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C++ Puzzle Block Question

In UE4 I am working on a Puzzle Block game in my Graphics 2 class. Our professor and our class is learning about UE4 together. Our class as a whole is a little confused about one thing in the C++ code and my professor said he would try to figure the answer out himself, but I figured I would jump start our next class with information that I find here.

Okay so in the BlockGrid.cpp file this section of code is used to create the blocks.



void AMyProject2BlockGrid::BeginPlay()
{
	Super::BeginPlay();

	// Number of blocks
	const int32 NumBlocks = Size * Size;

	// Loop to spawn each block
	for(int32 BlockIndex=0; BlockIndex<NumBlocks; BlockIndex++)
	{
		const float XOffset = (BlockIndex/Size) * BlockSpacing; // Divide by dimension
		const float YOffset = (BlockIndex%Size) * BlockSpacing; // Modulo gives remainder

		// Make postion vector, offset from Grid location
		const FVector BlockLocation = FVector(XOffset, YOffset, 0.f) + GetActorLocation();

		// Spawn a block
		AMyProject2Block* NewBlock = GetWorld()->SpawnActor<AMyProject2Block>(BlockLocation, FRotator(0,0,0));

		// Tell the block about its owner
		if(NewBlock != NULL)
		{
			NewBlock->OwningGrid = this;
		}
	}
}


The confusion starts with the following line in this function:



AMyProject2Block* NewBlock = GetWorld()->SpawnActor<AMyProject2Block>(BlockLocation, FRotator(0,0,0));


Each time it looks like it is rewriting NewBlock for each new block in the puzzle. Our problem is for the game we are creating, which is a Lights Out game, is if NewBlock is being continually being rewritten, then how is it keeping track of the addresses for the information to the blocks that are being displayed on the screen? This could be fixed by simply creating an array to store the information, but if the information is still being kept somewhere this would be inefficient. So how can we access the information for the blocks if NewBlock is being overwritten with each loop without making an array to inefficiently store the data?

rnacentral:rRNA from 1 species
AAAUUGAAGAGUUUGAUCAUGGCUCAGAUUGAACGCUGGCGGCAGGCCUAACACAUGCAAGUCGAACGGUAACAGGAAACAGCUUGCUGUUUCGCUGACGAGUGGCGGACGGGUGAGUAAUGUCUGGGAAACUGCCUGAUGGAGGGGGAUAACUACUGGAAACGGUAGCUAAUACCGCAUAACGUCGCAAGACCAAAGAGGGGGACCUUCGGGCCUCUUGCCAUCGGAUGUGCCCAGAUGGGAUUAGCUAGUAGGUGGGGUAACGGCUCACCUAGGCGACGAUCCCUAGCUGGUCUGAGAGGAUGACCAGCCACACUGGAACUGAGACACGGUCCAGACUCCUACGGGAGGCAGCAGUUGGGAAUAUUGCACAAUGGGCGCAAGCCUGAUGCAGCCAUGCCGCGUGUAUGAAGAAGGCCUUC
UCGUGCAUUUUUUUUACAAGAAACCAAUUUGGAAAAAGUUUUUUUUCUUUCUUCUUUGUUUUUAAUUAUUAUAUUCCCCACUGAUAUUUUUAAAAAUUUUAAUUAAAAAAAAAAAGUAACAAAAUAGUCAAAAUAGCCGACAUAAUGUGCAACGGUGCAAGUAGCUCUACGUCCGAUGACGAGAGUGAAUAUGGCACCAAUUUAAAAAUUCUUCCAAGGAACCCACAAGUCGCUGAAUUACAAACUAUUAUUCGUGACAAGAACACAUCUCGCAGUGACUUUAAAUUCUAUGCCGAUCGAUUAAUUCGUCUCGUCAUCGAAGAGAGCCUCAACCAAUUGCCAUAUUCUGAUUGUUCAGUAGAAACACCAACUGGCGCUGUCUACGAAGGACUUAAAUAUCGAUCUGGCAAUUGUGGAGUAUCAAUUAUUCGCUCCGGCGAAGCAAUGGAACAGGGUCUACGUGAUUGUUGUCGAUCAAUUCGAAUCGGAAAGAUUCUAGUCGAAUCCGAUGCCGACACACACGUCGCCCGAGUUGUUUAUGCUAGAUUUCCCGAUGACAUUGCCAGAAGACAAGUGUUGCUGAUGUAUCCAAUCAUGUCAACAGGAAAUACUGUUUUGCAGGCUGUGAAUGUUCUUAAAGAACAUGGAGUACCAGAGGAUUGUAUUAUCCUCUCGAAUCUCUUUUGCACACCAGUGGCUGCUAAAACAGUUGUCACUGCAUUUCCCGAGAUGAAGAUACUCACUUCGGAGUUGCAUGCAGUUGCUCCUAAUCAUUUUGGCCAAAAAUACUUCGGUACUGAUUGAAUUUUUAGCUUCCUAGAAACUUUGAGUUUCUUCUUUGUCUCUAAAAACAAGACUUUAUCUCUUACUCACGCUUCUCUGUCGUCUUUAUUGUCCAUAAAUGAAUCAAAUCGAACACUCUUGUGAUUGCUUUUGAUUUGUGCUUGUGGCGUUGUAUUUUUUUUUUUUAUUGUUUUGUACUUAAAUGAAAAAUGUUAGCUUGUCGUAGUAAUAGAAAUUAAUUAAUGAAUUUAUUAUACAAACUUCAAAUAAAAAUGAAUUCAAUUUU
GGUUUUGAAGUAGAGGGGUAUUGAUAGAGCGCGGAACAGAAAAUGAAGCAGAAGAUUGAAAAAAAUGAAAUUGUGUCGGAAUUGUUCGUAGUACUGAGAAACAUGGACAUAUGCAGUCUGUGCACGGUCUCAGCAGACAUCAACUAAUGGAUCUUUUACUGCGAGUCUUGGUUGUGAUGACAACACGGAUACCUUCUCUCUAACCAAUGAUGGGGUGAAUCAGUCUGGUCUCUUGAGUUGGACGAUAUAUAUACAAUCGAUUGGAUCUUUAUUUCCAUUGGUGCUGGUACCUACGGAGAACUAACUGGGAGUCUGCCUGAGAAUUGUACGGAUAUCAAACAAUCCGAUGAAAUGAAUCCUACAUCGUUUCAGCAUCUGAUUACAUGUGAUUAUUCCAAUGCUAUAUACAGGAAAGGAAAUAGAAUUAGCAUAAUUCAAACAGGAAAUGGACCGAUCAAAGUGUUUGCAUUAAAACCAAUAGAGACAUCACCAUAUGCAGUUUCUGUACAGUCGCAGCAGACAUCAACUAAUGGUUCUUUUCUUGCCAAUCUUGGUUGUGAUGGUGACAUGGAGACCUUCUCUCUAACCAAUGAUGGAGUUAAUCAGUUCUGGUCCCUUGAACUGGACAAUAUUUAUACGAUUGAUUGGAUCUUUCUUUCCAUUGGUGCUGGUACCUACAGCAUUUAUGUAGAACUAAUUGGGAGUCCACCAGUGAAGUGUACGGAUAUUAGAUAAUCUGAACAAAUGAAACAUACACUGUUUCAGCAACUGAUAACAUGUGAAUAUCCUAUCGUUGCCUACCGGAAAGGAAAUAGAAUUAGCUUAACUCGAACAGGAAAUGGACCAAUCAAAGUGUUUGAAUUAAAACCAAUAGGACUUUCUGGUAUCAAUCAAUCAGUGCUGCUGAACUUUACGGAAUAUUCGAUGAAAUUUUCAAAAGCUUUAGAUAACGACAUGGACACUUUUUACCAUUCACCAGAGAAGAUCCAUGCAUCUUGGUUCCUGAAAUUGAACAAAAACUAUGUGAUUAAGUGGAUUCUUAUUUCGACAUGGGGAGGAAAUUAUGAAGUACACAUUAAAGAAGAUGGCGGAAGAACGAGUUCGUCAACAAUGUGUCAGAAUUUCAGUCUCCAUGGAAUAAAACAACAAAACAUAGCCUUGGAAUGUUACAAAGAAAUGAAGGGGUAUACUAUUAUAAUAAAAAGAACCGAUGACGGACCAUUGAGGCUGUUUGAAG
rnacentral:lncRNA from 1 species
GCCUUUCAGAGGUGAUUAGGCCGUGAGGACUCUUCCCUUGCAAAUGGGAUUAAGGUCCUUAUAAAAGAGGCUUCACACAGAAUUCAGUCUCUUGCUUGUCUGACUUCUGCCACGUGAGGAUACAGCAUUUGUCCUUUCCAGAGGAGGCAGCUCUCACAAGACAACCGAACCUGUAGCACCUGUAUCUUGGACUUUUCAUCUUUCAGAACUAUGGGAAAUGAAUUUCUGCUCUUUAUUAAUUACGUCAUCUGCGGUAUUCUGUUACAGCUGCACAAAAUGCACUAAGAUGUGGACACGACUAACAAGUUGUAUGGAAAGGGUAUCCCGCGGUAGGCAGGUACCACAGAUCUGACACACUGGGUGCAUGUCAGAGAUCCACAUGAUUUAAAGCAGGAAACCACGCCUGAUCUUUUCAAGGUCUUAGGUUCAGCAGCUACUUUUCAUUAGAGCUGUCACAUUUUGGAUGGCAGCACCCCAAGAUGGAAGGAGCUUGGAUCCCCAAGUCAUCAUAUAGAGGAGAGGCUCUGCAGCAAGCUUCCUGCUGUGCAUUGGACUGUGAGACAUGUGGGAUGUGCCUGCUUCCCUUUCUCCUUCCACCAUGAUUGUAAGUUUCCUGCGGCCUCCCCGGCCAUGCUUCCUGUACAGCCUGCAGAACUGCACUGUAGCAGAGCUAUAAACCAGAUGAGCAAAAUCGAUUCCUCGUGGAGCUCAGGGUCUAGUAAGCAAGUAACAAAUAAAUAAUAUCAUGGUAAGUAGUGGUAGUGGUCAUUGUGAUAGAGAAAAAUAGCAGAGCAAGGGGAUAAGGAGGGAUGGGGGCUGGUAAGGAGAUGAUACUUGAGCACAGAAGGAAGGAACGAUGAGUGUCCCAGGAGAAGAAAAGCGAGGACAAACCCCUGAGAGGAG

THANKS!!! :slight_smile:

Well, essentially what it is doing is looping up the confusing line, and then saying, let’s spawn an actor, and then setting NewBlock variable to be the new actor, meaning that the spawned actor is independent of this variable. The NewBlock variable is a temporary variable used inside of the loop, the only thing it is actually being used for is in this area:


// Tell the block about its owner
		if(NewBlock != NULL)
		{
			NewBlock->OwningGrid = this;
		}

This is the same as saying, set the OwningGrid variable in our new actor that we spawned to be this(this actor that we are executing code in).

If you wanted to access the blocks later, you could make an array, (and no, this wouldn’t really be inefficient, it would probably only take up maybe a few kilos of RAM per block) but it really depends on when and why you’d want to access the blocks. If you’d want to loop through these blocks later and use some sort of algorithm on them, then I would suggest using the array. If you wanted to click on a block and have it do something, then the array would not be the way to go. The array is really only a good method if you know specifically which index or block in the array you are going to want to access, and generally you won’t. Hope I helped, and gave you some useful info to report back to your class with.

Edit: I did say that this spawned item is independent of the variable, but you can still do things to it using the variable. If you were to call NewBlock->Destroy(), or whatever the destroy function is, it would destroy the actor that the variable is representing, just thought I’d clear that up. I also noticed that you want an alternative to using an array, an array is really the only logical way to store references to all of them at once, but you don’t have to store their references to access them later.

You’ll likely learn about this later, but you could get a reference using a line trace (draw a line from A to B, see what items our line/pencil hits), and then using the ‘Hit Actor’, you could cast to your MyProject2Block, and then that would give you a reference. This is one of many ways to get a reference to something.